His wife, Hera, (Egoyan's wife, Arsinée Khanjian) is a censor for the Canadian film board. She spends her days watching pornographic films and judging the values represented. She also videotapes these films discreetly, to bring home for her sister Seta (Rose Sarkisyan) to view. The three, along with Hera's young son, live in one of three model homes built for a subdivision project that failed; instead they are surrounded by a vast tract of barren land, littered with billboards advertising the lifestyle they were supposed to enjoy.
Enter Bubba (Maury Chaykin), a wealthy, middle-aged man whose wife, Mimi (Gabrielle Rose), participates in elaborate sexual encounters with other men while he watches. The couple are obsessed with bizarre experimentation, and in seeking locations for their escapades, Bubba discovers the subdivision where Render and his family live. He poses as a location scout for a film company in order to gain access to their home, and suggests that they might want to use the house for their film. Render accepts, and as his family moves into the motel used by his clients, his world is transformed in a way that will bring him to understand what the values he has been assessing mean on a more personal level.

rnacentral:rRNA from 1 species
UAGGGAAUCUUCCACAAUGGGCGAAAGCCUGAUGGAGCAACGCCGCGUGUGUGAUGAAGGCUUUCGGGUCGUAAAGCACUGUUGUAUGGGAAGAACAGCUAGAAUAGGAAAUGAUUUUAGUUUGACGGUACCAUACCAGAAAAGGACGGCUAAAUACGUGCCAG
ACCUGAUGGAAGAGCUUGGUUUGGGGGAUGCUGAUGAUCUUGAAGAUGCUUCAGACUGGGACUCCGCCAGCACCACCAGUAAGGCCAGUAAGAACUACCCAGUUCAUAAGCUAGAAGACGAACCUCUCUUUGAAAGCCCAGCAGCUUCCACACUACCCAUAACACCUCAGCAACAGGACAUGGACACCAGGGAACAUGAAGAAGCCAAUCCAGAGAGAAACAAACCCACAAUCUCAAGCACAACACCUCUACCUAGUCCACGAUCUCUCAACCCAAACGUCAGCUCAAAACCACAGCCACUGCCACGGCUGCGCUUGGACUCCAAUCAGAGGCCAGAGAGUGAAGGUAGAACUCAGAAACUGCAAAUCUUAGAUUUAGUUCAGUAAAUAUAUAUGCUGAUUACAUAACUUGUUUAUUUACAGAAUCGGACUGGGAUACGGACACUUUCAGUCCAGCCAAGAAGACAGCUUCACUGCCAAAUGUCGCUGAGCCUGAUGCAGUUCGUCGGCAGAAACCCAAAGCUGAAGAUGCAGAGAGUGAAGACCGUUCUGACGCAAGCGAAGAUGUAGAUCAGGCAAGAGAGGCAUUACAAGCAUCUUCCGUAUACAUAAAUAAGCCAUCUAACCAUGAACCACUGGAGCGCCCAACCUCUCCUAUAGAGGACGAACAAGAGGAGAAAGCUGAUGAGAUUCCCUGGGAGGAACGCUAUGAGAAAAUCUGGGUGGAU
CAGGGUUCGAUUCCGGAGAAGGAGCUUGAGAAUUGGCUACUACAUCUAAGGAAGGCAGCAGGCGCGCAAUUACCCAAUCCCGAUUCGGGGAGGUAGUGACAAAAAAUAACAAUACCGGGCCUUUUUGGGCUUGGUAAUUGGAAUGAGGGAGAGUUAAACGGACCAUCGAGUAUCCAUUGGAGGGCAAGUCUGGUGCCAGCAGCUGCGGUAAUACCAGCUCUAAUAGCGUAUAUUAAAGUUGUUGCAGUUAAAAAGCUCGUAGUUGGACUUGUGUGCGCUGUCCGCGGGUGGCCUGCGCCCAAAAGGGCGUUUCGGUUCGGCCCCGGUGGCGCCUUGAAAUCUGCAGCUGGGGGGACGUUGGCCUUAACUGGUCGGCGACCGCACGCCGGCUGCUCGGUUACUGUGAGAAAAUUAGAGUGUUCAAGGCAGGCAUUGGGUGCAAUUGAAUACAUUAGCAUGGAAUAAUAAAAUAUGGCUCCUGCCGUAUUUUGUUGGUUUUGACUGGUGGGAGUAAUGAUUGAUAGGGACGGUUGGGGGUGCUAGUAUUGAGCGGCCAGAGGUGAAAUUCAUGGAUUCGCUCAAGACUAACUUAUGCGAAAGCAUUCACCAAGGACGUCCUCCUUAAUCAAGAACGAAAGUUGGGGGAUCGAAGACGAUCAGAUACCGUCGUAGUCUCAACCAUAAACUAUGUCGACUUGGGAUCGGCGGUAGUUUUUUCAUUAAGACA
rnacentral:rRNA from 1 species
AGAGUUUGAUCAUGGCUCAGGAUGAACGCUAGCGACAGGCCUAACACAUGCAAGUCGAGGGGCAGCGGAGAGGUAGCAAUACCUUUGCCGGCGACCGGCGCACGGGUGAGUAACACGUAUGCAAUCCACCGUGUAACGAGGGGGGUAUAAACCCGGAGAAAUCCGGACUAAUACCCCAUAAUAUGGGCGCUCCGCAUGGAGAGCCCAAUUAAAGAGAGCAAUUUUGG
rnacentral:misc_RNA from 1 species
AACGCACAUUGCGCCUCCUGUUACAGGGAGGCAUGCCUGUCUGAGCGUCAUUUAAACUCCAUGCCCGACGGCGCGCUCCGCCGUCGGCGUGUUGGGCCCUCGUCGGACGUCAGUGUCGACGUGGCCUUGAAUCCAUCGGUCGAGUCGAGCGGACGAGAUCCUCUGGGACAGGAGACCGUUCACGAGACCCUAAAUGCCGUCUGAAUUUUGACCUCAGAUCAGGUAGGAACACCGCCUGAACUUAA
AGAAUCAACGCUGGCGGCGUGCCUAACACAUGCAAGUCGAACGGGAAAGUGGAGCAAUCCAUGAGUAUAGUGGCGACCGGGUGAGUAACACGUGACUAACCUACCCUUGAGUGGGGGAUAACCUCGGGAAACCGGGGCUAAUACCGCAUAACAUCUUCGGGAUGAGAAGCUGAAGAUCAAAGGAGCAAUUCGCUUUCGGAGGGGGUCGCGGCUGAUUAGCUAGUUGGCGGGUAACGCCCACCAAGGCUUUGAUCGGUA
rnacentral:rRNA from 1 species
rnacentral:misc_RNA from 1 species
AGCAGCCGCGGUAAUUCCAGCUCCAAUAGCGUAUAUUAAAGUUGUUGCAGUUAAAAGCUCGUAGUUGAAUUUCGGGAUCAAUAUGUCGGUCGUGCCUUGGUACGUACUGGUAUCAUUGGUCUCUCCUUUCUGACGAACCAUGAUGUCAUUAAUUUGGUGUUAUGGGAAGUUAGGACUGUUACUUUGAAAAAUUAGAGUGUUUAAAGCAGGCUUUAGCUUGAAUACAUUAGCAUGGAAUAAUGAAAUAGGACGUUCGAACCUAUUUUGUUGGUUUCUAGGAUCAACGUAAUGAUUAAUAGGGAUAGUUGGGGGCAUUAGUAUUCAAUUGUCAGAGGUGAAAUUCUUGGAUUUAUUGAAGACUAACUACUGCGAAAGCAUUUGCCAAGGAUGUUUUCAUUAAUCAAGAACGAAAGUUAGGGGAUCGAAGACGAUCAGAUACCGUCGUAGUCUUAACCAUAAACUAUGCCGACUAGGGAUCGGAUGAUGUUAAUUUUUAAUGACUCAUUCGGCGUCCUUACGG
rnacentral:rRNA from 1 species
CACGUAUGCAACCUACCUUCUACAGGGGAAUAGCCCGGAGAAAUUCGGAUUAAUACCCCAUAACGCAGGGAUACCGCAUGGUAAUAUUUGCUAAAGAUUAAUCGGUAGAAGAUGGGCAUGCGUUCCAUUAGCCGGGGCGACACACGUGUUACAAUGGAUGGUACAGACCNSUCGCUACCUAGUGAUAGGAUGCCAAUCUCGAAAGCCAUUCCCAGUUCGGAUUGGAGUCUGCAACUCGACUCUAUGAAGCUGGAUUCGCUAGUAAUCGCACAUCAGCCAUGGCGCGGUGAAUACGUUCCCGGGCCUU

The Adjuster is not an easy watch. The mood sustained is disturbing, and an almost surrealistic presentation seems mostly disjointed, aided by the ethereal ethnic soundtrack from Mychael Danna (Kama Sutra, 8MM, Girl, Interrupted) that elicits an atmosphere crossing Twin Peaks with The Last Temptation Of Christ. Performances by the cast are brilliant, though I would hold up Maury Caykin's portrayal as the pinnacle of the film. There is never any outward sign of violence from the characters, though we can tell by their actions that turmoil is inherent in each of them. As in Egoyan's other films, he threads the workings of all these people together to realize the potential of their influence on one another, but the effect is underplayed and at the same time extravagantly bizarre. How this film ever received an R rating is beyond me; aside from the implied sexual situations with minors and homoeroticism, there are also scenes with explicit sexual content, including fully-exposed masturbation, all of which is included in this 102 minute cut (it isn't hard to imagine what ended up being excised for the shorter Canadian cut). The portrayals of the censor board certainly must have raised eyebrows at the ratings screenings.